Even for veteran oenophiles, wine talk can be daunting. Astringency, tannins, bouquet and nose are just some of the terms thrown around when it comes to describing a wine, and it can be hard to follow when you don't know what each means.
Don’t fret, we’re here to help! Whether you’re a novice or a pro, here are 10 common wine terms that will no doubt up your wine game.
This vinification method is used to make soft, fruity, very accessible wines. Whole clusters of grapes are put into a vat that is then filled with carbonic gas. This system is used when fruit is to be emphasized in the final wine in contrast to structure and tannin.
A dumb wine is also a closed wine, but the term dumb is used more pejoratively. Closed wines may need only time to reveal their richness and intensity. Dumb wines may never get any better.
An adjective used to describe wines that are (1) delicious, evolved, and close to maturity, (2) wines that border on being flamboyant or ostentatious, or (3) unusually evolved and/or quickly maturing wines.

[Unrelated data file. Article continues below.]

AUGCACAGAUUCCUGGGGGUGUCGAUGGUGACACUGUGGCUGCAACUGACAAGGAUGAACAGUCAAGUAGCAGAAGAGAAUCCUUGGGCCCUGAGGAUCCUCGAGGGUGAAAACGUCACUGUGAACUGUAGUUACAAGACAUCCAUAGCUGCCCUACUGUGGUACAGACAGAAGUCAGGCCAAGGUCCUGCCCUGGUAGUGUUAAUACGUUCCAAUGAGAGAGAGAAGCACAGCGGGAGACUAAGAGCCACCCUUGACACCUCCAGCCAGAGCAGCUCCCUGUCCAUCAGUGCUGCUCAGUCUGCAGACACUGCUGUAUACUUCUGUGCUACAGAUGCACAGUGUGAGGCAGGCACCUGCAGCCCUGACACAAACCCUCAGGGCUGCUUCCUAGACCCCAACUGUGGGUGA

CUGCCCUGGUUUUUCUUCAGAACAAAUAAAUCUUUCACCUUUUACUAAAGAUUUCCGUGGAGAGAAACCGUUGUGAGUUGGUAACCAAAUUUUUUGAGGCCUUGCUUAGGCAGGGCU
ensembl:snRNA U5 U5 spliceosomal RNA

Rather than meaning that the temperature of the wine is too warm to drink, hot denotes that the wine is too high in alcohol and therefore leaves a burning sensation in the back of the throat when swallowed. Wines with alcohol levels in excess of 14.5% often taste hot if the requisite depth of fruit is not present.
When wines have a great intensity of fruit from excellent ripeness they can be jammy, which is a very concentrated, flavorful wine with superb extract. In great vintages such as 1961, 1978, 1985, 1989, 1990, and 1995, some of the wines are so concentrated that they are said to be jammy.
Many vineyards are fragmented, with multiple growers owning a portion of the same vineyard. Such a vineyard is often referred to as a morsellated vineyard.
A winemaking technique of punching down the cap of grape skins that forms during the beginning of the wine's fermentation. This is done several times a day, occasionally more frequently, to extract color, flavor, and tannin from the fermenting juice.
A synonym for vegetal, but used more frequently to denote that the wine has probably had too much contact with the stems, resulting in a green, vegetal, or stalky character to the wine.
A volatile wine is one that smells of vinegar as a result of an excessive amount of acetic bacteria present. It is a seriously flawed wine.
Late-harvest wines that are meant to be drunk at the end of a meal can often be slightly raisiny, which in some ports and sherries is desirable. However, a raisiny quality is a major flaw in a dinner wine.
Fine more common wine terms here.
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